29 September 2011 | Raad voor de Rechtspraak Presentation National Judges  and European Union Law Dr Tobias Nowak
National Judges as European Union Judges Knowledge, Experiences and Attitudes of Lower Court Judges in Germany and the Net...
Research <ul><li>Private law judges of first and second instance courts in the Netherlands and North Rhine-Westphalia </li...
Expectations <ul><li>Supremacy of European Law </li></ul><ul><li>Direct effect </li></ul><ul><li>Harmonious interpretation...
How do you evaluate your knowledge of European law? n=309 (Dutch=137, German=172)
In general, I am well informed about developments in national law/European law. n=335 (Dutch n=145, German n=190)
German judge 1 comparing his knowledge of EU law to his knowledge of national law <ul><li>“ Of course I do not know all th...
Dutch judge 2 on the question if he is well informed about EU law <ul><li>“ Yes and no. I have access to the sources. I tr...
Dutch judge 3 on what should change concerning EU law <ul><li>“ That it becomes more familiar, that you get a more complet...
It is totally unclear to me when I must apply EU law  ex officio. n=335 (n Dutch=145, n German=190)
Dutch judge 1 on the  ex officio  application of EU law <ul><li>“ The situation that I had to apply European law ex offici...
Dutch judge 5 on the  ex officio  application of EU law <ul><li>“ We do not feel morally bound to apply  ex officio . The ...
I know how to interpret national law in harmony with EU Directives. (n=336)
Dutch judge 3 on harmonious interpretation <ul><li>“ If you do not know [that a national law is based on a Directive] you ...
It is clear to me how I must request a preliminary ruling (Dutch=145, n German=190)
It is unclear to me what I must do with an answer to a preliminary ruling. (n Dutch=145, n German=190)
German judge 3 on preliminary rulings <ul><li>“ We once told parties that we would stop a case in order to wait for an ans...
Dutch judge 5 on   preliminary rulings   <ul><li>“ If it is not necessary we don’t ask. It slows down the procedure. I thi...
Which of the following sources do you use when looking for information on European law. (n Dutch= 138, n German=190)
How many hours (including preparation) did you spend on courses on European law in the past 12 months? (n Dutch=135, n Ger...
German judge 2 on training courses <ul><li>“ It is too far and not enough places. ERA does not exist for us. It only happe...
Do you feel the need for more information on EU law? (n=307, n Dutch=136, n German=171)
As an estimate, in how many cases that you decided during the past 12 months, did EU law play a role? (n Dutch=134, n Germ...
Can you indicate to what extent you have confidence in the following institutions? (n Dutch=91, n German=136)
Conclusions <ul><li>1. Most judges in the Netherlands and Germany support European integration and the EU. They accept EU ...
Conclusions <ul><li>3. Most Dutch and German judges report that EU law has a limited impact on the type of cases they deci...
Conclusions <ul><li>5 Given the high case load of Dutch and German lower court judges and their limited time for researchi...
Recommendations <ul><li>We recommend knowhow development within the courts; training courses aimed at specific problems; l...
 
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HiiL National Judges and European Union Law | Dr. Tobias Nowak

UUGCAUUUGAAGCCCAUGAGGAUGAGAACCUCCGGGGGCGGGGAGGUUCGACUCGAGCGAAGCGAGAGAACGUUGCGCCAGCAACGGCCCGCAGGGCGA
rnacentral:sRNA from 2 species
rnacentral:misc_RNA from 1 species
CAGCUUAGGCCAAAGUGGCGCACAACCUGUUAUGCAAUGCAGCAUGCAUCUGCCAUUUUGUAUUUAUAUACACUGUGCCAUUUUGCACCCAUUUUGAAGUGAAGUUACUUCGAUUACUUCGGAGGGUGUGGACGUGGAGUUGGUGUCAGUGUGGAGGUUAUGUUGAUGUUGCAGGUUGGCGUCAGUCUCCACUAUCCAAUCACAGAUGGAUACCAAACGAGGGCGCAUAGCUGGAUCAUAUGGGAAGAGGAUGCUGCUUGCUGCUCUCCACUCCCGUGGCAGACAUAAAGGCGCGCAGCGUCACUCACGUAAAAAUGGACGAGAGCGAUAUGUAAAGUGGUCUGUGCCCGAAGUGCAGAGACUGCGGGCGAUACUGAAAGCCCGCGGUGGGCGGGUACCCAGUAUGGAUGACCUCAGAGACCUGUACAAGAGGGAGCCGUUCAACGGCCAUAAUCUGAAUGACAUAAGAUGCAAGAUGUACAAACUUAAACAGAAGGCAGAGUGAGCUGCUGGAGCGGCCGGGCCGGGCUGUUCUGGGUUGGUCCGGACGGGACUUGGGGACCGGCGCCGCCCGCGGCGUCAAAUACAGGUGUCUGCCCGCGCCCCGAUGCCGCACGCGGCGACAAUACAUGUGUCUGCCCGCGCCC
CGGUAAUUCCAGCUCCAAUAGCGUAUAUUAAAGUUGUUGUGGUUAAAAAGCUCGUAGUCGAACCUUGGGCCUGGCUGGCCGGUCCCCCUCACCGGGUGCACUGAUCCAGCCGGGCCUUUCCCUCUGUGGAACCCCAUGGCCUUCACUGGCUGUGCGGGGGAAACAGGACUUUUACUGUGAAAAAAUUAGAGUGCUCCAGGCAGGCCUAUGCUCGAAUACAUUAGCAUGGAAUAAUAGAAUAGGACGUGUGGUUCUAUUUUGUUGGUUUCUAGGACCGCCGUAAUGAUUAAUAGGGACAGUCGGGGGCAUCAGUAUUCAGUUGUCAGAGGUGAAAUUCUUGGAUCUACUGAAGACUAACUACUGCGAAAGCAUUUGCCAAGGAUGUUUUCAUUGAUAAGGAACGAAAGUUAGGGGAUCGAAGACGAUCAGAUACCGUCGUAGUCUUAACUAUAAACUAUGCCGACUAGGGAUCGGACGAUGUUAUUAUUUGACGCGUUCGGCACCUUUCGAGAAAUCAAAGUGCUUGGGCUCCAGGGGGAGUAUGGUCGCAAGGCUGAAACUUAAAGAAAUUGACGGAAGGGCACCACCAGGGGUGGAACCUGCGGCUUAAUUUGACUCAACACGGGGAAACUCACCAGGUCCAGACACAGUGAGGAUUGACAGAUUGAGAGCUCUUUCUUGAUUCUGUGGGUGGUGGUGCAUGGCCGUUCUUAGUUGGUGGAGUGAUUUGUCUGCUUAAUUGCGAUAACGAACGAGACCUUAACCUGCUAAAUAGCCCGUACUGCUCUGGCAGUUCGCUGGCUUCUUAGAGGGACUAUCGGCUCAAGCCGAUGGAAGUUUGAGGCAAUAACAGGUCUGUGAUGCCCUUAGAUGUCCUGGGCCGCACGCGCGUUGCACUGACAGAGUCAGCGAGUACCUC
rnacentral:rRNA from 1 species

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29 September 2011

Presentation National Judges and European Union Law

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HiiL National Judges and European Union Law | Dr. Tobias Nowak

  1. 1. 29 September 2011 | Raad voor de Rechtspraak Presentation National Judges and European Union Law Dr Tobias Nowak
  2. 2. National Judges as European Union Judges Knowledge, Experiences and Attitudes of Lower Court Judges in Germany and the Netherlands HiiL research project Dr. Tobias Nowak, University of Groningen Prof. Fabian Amtenbrink, Erasmus University Rotterdam Prof. Marc Hertogh, University of Groningen Prof. Mark Wissink, University of Groningen
  3. 3. Research <ul><li>Private law judges of first and second instance courts in the Netherlands and North Rhine-Westphalia </li></ul><ul><li>Expert meetings </li></ul><ul><li>Questionaire </li></ul><ul><li>Face-to-face interviews </li></ul>
  4. 4. Expectations <ul><li>Supremacy of European Law </li></ul><ul><li>Direct effect </li></ul><ul><li>Harmonious interpretation </li></ul><ul><li>Equivalence and effectiveness </li></ul><ul><li>Ex officio application </li></ul><ul><li>Languages </li></ul><ul><li>How do national judges deal with these expectations? </li></ul>
  5. 5. How do you evaluate your knowledge of European law? n=309 (Dutch=137, German=172)
  6. 6. In general, I am well informed about developments in national law/European law. n=335 (Dutch n=145, German n=190)
  7. 7. German judge 1 comparing his knowledge of EU law to his knowledge of national law <ul><li>“ Of course I do not know all the rules [of national law] but would have no problems finding information about a problem. This would be more trouble in European law. The distance is much bigger.” </li></ul>
  8. 8. Dutch judge 2 on the question if he is well informed about EU law <ul><li>“ Yes and no. I have access to the sources. I try to take notice. But European law has such a gigantic magnitude – as a Dutch judge you already have the feeling that you only really know a small part of Dutch law; this is even more so with European law. This is one side and the other side, by looking at the headings – what kind of document is this, what kind of decision? – and the realisation ‘This is important for my daily practice’, I have the idea that I am informed about the general line.” </li></ul>